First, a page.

"He’s having another amazing season," McDavid said. "No surprise there."
It was easy to suggest DeBrincat's numbers were inflated because he benefited from having a player like McDavid centering his line. But McDavid insists that wasn't the case.
"Honestly, we helped each other," McDavid said. "It was not a one-way street by any means. He finds a way to score goals. My year they were saying, 'Oh, he was just playing with me.' Then the other year, he’s playing with (Strome). He’s playing with Stromer again. To score 50 three seasons in a row is absolutely incredible no matter who you’re playing with or what you’re doing. Absolute credit to him."
[SHOP: Gear up, Blackhawks fans!]
The numbers back it up, too.
DeBrincat's points per game average has increased in each of the last three seasons: 1.53, 1.68 and 2.08, a significant jump from his second to third season. It's especially impressive when you factor in that he's scored only eight of his 49 goals on the power play this year after combining for 34 goals on the man advantage in his first two.
Initially, McDavid was a little skeptical when informed that newly-signed winger DeBrincat, who's now listed as 5-7, 170 pounds, would be his new linemate. It didn't take long for that to change.
"He kind of just came out of nowhere," McDavid said. "I remember us signing (him) and looking, and it said he was 5-2, 140 pounds, whatever. The GM at the time, Sherry Bassin, said 'I found you a new winger.' I’m like, ‘That guy is going to play with me?’ Sure enough, he comes in and we kind of have that chemistry right away.
"He knows where the net is. He finds a way to score basically every night. He’s got a great shot. He’s one of the feistiest guys I’ve ever played with. It’s really remarkable about what he’s been able to do."
Size is surely to be the biggest concern for DeBrincat at the NHL level, but players such as Cam Atkinson (5-7), Johnny Gaudreau (5-8) and Mats Zuccarello (5-7) are proving that you can be among the league's best despite being undersized. And the game is evolving into more of an up-tempo style where teams built on speed is becoming the new norm.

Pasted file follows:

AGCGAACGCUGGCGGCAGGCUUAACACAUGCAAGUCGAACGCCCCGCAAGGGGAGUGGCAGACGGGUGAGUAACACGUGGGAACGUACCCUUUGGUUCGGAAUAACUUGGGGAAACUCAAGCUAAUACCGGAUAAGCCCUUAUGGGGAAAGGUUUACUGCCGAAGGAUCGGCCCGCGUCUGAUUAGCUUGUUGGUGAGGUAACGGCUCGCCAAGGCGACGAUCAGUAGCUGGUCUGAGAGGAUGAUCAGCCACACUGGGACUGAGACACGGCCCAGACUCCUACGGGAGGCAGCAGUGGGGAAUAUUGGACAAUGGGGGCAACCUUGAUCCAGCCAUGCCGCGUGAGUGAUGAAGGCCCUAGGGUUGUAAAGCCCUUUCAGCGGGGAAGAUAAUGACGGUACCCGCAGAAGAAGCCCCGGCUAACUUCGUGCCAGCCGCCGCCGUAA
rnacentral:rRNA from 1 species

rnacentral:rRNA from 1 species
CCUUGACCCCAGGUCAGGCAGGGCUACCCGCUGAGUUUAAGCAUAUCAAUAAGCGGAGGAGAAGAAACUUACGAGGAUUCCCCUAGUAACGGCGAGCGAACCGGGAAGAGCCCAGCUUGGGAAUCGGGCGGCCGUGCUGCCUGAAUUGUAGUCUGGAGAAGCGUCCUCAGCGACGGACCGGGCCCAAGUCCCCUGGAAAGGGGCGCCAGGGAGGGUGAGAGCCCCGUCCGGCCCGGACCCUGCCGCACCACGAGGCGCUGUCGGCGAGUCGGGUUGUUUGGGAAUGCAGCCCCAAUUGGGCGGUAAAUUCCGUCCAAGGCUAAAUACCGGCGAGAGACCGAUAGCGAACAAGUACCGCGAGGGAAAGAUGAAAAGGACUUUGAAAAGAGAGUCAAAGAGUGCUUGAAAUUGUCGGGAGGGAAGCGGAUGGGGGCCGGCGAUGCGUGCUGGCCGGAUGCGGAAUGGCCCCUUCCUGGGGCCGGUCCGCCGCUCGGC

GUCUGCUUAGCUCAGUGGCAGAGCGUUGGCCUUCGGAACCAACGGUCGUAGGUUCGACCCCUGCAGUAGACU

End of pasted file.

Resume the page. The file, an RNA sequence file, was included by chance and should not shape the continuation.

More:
DeBrincat's willingness to stick his nose into dirty areas combined with his offensively-gifted ability is a big reason why McDavid believes his former linemate will succeed at the highest level.
"I think well," McDavid said when asked how DeBrincat's game will translate into the NHL. "He’s just got such a drive and such a nose for the net that I don’t think he’s going to be stopped. He takes on guys much bigger. I don’t really know how he does it.
"Especially when he was a rookie and I was playing with him, he’s going into scrums against guys that are 6-5, and you’re on the ice thinking, ‘How the hell am I going to help you?’ He definitely picks his fights. He’s a special person and special player."
Is the White Sox clubhouse big enough for two Dan Hayeses?
We're about to find out this spring training as CSN White Sox Insider Dan Hayes covers the team, which includes first base prospect Danny Hayes.
The Sox prospect Hayes battled .250 with 10 homers and 42 RBIs in 55 games for Charlotte last season.
The big-league hopeful and White Sox beat reporter spoke with CSN's Chuck Garfien about the similarities the two (don't) have.
No word yet on whether they'll battle the two Rougned Odors and Geovani/Geovany Sotos to an Anchoman-style duel.
Check it all out in the hilarious video above.